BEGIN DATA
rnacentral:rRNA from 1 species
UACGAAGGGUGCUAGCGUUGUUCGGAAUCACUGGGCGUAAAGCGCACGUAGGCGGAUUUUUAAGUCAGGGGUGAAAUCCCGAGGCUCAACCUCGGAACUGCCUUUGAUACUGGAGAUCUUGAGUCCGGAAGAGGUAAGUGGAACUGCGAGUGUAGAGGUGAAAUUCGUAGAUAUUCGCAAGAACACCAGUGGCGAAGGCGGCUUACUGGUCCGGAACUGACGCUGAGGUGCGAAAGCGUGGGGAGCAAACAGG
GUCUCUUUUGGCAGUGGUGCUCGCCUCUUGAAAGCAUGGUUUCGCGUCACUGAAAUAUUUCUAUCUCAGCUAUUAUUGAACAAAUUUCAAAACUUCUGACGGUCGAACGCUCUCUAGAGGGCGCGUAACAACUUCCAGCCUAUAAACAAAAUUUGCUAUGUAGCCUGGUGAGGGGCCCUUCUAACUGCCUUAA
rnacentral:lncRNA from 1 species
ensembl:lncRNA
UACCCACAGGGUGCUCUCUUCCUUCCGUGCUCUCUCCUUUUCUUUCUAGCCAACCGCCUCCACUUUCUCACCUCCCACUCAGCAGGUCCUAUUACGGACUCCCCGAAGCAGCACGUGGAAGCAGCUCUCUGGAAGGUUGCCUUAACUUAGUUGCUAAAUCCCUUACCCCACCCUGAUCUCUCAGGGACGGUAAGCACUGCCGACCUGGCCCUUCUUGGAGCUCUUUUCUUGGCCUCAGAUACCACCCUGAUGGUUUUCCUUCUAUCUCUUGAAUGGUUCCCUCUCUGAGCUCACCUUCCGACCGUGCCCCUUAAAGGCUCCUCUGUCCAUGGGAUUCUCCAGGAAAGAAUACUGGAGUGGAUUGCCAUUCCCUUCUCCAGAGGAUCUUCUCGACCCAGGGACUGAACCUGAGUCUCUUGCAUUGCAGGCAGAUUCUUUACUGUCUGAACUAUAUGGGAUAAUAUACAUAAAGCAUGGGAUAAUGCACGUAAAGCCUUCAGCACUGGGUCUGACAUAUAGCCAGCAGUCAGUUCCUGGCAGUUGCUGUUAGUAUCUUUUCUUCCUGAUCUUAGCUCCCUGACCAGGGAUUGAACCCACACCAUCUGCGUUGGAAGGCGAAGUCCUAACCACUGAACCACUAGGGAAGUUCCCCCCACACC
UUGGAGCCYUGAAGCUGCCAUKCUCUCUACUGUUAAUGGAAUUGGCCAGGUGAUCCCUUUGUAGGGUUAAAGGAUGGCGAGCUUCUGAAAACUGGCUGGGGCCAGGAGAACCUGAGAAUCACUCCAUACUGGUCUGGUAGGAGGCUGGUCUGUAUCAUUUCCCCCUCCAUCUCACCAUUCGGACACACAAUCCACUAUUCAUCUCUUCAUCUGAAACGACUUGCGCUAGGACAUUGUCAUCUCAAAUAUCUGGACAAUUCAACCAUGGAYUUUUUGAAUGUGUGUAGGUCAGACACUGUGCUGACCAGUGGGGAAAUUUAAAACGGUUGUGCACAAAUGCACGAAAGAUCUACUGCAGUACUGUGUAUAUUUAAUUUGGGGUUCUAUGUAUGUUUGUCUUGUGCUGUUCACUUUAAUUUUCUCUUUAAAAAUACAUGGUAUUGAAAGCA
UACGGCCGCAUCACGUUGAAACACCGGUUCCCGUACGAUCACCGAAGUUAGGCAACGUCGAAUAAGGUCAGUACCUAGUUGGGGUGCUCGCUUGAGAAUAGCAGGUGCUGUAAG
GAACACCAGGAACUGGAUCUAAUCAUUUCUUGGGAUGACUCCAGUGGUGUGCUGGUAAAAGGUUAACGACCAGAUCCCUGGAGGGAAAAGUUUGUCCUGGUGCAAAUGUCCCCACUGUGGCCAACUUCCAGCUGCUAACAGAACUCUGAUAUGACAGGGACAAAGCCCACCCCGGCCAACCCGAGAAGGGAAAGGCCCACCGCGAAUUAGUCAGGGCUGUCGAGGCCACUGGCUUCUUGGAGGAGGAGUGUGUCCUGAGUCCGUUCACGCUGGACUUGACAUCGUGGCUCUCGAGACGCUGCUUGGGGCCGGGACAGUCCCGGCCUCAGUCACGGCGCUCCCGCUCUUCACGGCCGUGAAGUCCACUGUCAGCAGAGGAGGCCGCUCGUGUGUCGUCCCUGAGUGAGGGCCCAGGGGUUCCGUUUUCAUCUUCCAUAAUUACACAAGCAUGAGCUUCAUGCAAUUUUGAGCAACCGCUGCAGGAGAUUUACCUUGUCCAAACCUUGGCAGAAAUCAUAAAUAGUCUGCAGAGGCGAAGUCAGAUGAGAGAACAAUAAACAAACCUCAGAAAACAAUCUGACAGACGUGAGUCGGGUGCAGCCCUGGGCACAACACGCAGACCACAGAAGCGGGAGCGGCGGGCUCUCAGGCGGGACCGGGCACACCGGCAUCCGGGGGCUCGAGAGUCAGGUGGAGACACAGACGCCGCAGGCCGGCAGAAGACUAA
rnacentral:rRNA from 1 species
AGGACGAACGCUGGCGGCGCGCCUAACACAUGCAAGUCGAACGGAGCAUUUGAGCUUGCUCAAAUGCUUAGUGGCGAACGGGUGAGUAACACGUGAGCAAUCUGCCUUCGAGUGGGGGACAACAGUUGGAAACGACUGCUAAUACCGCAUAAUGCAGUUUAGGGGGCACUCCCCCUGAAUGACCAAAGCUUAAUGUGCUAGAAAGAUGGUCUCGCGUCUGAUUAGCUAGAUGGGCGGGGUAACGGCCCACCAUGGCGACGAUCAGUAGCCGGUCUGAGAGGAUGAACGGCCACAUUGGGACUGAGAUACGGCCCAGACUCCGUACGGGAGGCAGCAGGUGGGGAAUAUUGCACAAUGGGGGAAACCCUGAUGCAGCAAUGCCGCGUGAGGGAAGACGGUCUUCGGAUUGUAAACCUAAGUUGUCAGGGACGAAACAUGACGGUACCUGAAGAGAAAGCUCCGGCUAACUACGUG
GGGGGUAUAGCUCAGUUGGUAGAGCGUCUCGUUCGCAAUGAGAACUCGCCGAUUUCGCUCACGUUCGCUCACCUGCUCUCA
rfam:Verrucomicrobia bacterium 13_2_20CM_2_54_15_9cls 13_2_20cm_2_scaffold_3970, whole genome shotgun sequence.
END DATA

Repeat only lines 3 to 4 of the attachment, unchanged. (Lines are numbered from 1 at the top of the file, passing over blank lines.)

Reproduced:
GUCUCUUUUGGCAGUGGUGCUCGCCUCUUGAAAGCAUGGUUUCGCGUCACUGAAAUAUUUCUAUCUCAGCUAUUAUUGAACAAAUUUCAAAACUUCUGACGGUCGAACGCUCUCUAGAGGGCGCGUAACAACUUCCAGCCUAUAAACAAAAUUUGCUAUGUAGCCUGGUGAGGGGCCCUUCUAACUGCCUUAA
rnacentral:lncRNA from 1 species